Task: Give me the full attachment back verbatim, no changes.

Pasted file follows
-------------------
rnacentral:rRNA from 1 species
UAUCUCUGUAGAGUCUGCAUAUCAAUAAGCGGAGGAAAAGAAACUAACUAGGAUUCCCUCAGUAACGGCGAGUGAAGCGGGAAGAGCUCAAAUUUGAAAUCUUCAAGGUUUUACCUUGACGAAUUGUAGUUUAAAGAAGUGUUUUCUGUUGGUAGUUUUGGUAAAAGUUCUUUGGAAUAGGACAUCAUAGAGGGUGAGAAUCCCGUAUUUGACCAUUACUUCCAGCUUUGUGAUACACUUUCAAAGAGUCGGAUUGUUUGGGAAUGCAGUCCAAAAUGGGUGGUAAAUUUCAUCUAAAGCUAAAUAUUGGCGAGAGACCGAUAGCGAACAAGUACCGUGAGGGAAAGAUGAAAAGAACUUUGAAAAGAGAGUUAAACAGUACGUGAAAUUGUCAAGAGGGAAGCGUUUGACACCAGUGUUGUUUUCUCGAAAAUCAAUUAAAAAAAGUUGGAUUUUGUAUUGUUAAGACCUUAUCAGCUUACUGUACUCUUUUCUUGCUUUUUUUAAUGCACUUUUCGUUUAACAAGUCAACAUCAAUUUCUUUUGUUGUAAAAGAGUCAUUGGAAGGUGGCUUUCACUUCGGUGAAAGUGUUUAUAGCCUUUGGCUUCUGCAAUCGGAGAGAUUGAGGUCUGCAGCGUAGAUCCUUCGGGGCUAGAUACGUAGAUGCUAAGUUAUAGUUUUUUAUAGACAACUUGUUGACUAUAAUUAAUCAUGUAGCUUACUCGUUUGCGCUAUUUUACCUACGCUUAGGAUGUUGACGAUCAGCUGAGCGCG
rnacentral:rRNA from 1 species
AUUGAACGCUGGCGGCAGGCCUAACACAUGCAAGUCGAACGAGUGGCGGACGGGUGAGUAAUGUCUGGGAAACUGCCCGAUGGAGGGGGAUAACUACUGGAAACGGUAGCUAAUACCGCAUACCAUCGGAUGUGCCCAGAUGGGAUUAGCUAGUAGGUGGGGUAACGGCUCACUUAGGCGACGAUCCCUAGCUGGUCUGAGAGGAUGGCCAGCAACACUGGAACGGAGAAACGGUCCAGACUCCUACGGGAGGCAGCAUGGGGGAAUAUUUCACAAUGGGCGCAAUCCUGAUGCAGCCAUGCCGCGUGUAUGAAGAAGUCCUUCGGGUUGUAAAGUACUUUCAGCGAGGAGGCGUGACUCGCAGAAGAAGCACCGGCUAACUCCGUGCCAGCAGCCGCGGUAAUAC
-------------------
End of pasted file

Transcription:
rnacentral:rRNA from 1 species
UAUCUCUGUAGAGUCUGCAUAUCAAUAAGCGGAGGAAAAGAAACUAACUAGGAUUCCCUCAGUAACGGCGAGUGAAGCGGGAAGAGCUCAAAUUUGAAAUCUUCAAGGUUUUACCUUGACGAAUUGUAGUUUAAAGAAGUGUUUUCUGUUGGUAGUUUUGGUAAAAGUUCUUUGGAAUAGGACAUCAUAGAGGGUGAGAAUCCCGUAUUUGACCAUUACUUCCAGCUUUGUGAUACACUUUCAAAGAGUCGGAUUGUUUGGGAAUGCAGUCCAAAAUGGGUGGUAAAUUUCAUCUAAAGCUAAAUAUUGGCGAGAGACCGAUAGCGAACAAGUACCGUGAGGGAAAGAUGAAAAGAACUUUGAAAAGAGAGUUAAACAGUACGUGAAAUUGUCAAGAGGGAAGCGUUUGACACCAGUGUUGUUUUCUCGAAAAUCAAUUAAAAAAAGUUGGAUUUUGUAUUGUUAAGACCUUAUCAGCUUACUGUACUCUUUUCUUGCUUUUUUUAAUGCACUUUUCGUUUAACAAGUCAACAUCAAUUUCUUUUGUUGUAAAAGAGUCAUUGGAAGGUGGCUUUCACUUCGGUGAAAGUGUUUAUAGCCUUUGGCUUCUGCAAUCGGAGAGAUUGAGGUCUGCAGCGUAGAUCCUUCGGGGCUAGAUACGUAGAUGCUAAGUUAUAGUUUUUUAUAGACAACUUGUUGACUAUAAUUAAUCAUGUAGCUUACUCGUUUGCGCUAUUUUACCUACGCUUAGGAUGUUGACGAUCAGCUGAGCGCG
rnacentral:rRNA from 1 species
AUUGAACGCUGGCGGCAGGCCUAACACAUGCAAGUCGAACGAGUGGCGGACGGGUGAGUAAUGUCUGGGAAACUGCCCGAUGGAGGGGGAUAACUACUGGAAACGGUAGCUAAUACCGCAUACCAUCGGAUGUGCCCAGAUGGGAUUAGCUAGUAGGUGGGGUAACGGCUCACUUAGGCGACGAUCCCUAGCUGGUCUGAGAGGAUGGCCAGCAACACUGGAACGGAGAAACGGUCCAGACUCCUACGGGAGGCAGCAUGGGGGAAUAUUUCACAAUGGGCGCAAUCCUGAUGCAGCCAUGCCGCGUGUAUGAAGAAGUCCUUCGGGUUGUAAAGUACUUUCAGCGAGGAGGCGUGACUCGCAGAAGAAGCACCGGCUAACUCCGUGCCAGCAGCCGCGGUAAUAC